Maurine A. Haver, Haver Analytics
Maurine A. Haver is the founder and CEO of Haver Analytics, an economic information services company. She served as President of the National Association for Business Economics (NABE) and currently chairs the NABE campaign for Quality Economic Data and the NABE Statistics Committee. She is a member of Advisory Committees to the Office of Financial Research at the U.S. Treasury, the Bureau of Economic Analysis and the Bureau of Labor Statistics, and is Chair of the Council of Professional Associations on Federal Statistics.
Anne Krueger, Johns Hopkins University
Anne Krueger is Senior Research Professor of International Economics at the Johns Hopkins University, School of Advanced International Studies (SAIS). She joined the faculty in 2007 after leaving the International Monetary Fund, where she had served as First Deputy Managing Director from 2001-2006 and as Acting Managing Director for three months during 2005. Prior to the IMF, she was Herald L. and Caroline L. Ritch Professor in Humanities and Sciences in the Department of Economics at Stanford University, and the founding Director of Stanford's Center for International Development and a Senior Fellow at the Hoover Institution. Professor Krueger had previously taught at the University of Minnesota and Duke University and held visiting professorships at a number of universities in the U.S. and abroad. She was chief economist of the World Bank from 1982 through 1986. She received her undergraduate degree from Oberlin College and her Ph.D. in economics from the University of Wisconsin. She is a Distinguished Fellow of the American Economic Association, a member of the National Academy of Sciences, and a Senior Research Associate of the National Bureau of Economic Research. She has published many books and articles on international economics, and has also written extensively on aspects of economic development in India, South Korea, and Turkey. Her most recent book is Struggling with Success: Challenges Facing the International Economy, World Scientific Publishers, 2012.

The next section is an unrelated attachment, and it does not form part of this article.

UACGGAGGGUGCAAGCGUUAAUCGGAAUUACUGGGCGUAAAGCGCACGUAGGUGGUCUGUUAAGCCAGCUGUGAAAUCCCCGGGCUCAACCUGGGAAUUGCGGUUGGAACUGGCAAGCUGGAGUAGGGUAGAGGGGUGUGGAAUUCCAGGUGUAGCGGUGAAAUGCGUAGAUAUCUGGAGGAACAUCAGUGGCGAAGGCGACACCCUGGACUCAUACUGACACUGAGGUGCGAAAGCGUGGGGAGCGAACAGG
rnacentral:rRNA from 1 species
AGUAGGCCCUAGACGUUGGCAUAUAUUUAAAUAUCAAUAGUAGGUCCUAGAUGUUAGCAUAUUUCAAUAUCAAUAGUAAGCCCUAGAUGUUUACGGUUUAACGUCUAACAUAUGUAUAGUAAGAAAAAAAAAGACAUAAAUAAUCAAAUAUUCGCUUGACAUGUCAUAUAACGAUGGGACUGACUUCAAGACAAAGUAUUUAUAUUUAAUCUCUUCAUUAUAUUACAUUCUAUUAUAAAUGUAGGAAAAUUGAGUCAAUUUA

Charles Plott, Cal Tech
Charles R. Plott is the Edward S. Harness Professor of Economics and Director and founder of the Laboratory for Experimental Economics and Political Science at the California Institute of Technology. His research is focused on the basic principles of process performance and the use of those principles in the design of new, decentralized processes to solve complex problems. Applications are found in mechanisms for allocating complex items such as the markets for pollution permits in Southern California, the FCC auction of licenses for Personal Communication Systems, the auctions for electric power in California, the allocation of landing rights at the major U.S. airports, access of private trains to public railway tracks, access to natural gas pipelines, the allocation of licenses for offshore aquaculture sites, the combinatorial sale of fleets of vehicles, and the application of complex procurements. Dr. Plott has contributed extensively to the development and application of a laboratory experimental methodology in the fields of economics and political science. Memberships include National Academy of Sciences, 2007; American Academy of Arts and Sciences, 1985; Distinguished Fellow of American Economic Association; Fellow of the Econometric Society; Public Choice Society, President 1976-1978; Southern Economic Association, Executive Committee 1977-1978, vice president 1985-1987, president 1989-90; Economic Science Association, president 1987-1988; Western Economic Association International, vice president, 1996, president 1999. Dr. Plott received his education from the University of Virginia, Ph.D.; Oklahoma State University, M.S., B.S.